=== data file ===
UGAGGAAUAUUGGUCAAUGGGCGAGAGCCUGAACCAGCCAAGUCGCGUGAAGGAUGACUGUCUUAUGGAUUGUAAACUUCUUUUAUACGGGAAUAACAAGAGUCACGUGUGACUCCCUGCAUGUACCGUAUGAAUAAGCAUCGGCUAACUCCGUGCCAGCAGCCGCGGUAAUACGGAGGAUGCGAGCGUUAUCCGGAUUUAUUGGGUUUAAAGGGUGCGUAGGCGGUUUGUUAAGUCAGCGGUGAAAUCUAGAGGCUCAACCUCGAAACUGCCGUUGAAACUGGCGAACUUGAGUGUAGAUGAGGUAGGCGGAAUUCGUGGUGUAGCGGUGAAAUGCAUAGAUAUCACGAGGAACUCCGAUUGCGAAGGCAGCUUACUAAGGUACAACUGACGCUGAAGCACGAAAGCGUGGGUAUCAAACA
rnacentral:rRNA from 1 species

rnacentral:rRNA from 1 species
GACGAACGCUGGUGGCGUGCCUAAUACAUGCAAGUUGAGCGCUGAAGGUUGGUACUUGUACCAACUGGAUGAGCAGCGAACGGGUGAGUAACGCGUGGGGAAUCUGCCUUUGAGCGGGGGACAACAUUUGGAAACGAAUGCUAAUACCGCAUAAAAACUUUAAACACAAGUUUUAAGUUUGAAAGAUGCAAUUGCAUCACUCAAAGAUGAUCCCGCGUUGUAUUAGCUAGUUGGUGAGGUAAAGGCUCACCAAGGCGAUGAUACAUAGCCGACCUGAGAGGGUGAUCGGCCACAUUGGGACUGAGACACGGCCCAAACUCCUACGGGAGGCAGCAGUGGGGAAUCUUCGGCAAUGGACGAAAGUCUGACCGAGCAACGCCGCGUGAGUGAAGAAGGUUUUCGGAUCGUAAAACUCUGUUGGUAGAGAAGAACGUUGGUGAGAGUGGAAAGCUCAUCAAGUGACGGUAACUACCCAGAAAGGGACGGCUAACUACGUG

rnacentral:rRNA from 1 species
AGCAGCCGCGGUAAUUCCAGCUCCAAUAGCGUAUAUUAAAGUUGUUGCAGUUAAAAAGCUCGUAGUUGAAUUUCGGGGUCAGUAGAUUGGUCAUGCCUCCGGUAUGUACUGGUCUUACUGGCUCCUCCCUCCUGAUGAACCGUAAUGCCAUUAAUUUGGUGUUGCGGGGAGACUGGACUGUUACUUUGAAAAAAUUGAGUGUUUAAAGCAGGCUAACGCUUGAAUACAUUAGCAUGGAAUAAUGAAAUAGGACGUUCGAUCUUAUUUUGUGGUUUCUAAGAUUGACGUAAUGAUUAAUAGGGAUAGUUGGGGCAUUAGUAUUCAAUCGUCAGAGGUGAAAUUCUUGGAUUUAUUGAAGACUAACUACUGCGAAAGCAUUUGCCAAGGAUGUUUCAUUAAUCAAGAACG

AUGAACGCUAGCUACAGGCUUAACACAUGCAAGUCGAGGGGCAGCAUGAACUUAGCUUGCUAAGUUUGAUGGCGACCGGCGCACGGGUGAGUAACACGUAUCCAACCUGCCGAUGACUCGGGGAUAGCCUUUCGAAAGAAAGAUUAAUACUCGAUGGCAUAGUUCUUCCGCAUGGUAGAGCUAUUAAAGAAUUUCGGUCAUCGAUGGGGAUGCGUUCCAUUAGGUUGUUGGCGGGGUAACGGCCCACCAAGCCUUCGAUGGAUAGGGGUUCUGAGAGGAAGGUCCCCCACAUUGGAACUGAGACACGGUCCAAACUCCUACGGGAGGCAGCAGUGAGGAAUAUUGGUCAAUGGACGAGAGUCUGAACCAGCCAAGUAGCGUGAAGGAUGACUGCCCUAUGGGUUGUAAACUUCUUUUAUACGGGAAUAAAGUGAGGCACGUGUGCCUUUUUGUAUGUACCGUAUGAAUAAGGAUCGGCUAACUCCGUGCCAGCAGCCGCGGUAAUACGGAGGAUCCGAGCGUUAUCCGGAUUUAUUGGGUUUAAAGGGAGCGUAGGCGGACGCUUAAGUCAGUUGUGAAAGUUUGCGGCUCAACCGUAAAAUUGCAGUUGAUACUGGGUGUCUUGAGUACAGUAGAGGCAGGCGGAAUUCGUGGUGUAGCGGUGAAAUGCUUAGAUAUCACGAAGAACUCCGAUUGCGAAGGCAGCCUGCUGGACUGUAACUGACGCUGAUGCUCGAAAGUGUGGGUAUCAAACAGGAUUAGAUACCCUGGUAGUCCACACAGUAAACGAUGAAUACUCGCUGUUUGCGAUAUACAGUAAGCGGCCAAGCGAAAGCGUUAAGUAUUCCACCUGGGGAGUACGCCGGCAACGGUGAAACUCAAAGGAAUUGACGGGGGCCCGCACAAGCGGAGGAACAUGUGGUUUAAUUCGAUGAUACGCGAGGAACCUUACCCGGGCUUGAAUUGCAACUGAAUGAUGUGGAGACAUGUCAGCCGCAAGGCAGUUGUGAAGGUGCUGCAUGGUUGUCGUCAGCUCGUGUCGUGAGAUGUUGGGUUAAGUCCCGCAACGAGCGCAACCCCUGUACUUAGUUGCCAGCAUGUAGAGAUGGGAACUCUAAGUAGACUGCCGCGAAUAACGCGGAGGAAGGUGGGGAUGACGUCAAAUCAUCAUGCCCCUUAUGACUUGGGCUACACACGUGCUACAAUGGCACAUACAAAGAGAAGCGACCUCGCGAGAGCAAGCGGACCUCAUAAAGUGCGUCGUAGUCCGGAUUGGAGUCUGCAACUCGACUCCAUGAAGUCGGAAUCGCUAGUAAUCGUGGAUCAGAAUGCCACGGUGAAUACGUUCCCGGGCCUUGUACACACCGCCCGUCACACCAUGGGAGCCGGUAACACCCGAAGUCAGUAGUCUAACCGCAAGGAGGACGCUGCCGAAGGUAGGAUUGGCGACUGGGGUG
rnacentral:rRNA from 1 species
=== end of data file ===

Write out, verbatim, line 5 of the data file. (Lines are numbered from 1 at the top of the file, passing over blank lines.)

rnacentral:rRNA from 1 species